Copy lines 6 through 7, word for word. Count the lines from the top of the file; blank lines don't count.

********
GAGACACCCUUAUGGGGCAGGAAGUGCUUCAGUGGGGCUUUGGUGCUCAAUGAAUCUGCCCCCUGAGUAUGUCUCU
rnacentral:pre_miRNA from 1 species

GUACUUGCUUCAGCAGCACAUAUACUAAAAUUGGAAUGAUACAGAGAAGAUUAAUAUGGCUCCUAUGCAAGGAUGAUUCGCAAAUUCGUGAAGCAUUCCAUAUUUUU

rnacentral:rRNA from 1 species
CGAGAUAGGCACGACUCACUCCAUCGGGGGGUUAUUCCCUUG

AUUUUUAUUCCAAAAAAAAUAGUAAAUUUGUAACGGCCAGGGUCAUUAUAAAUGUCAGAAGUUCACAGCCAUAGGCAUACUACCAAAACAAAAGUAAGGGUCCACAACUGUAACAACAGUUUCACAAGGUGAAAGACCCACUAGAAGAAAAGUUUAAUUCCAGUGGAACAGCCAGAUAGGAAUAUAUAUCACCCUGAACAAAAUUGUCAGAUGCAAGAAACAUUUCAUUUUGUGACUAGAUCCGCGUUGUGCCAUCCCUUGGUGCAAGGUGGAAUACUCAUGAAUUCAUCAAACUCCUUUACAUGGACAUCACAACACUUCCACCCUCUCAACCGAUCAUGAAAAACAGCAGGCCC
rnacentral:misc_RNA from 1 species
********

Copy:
AUUUUUAUUCCAAAAAAAAUAGUAAAUUUGUAACGGCCAGGGUCAUUAUAAAUGUCAGAAGUUCACAGCCAUAGGCAUACUACCAAAACAAAAGUAAGGGUCCACAACUGUAACAACAGUUUCACAAGGUGAAAGACCCACUAGAAGAAAAGUUUAAUUCCAGUGGAACAGCCAGAUAGGAAUAUAUAUCACCCUGAACAAAAUUGUCAGAUGCAAGAAACAUUUCAUUUUGUGACUAGAUCCGCGUUGUGCCAUCCCUUGGUGCAAGGUGGAAUACUCAUGAAUUCAUCAAACUCCUUUACAUGGACAUCACAACACUUCCACCCUCUCAACCGAUCAUGAAAAACAGCAGGCCC
rnacentral:misc_RNA from 1 species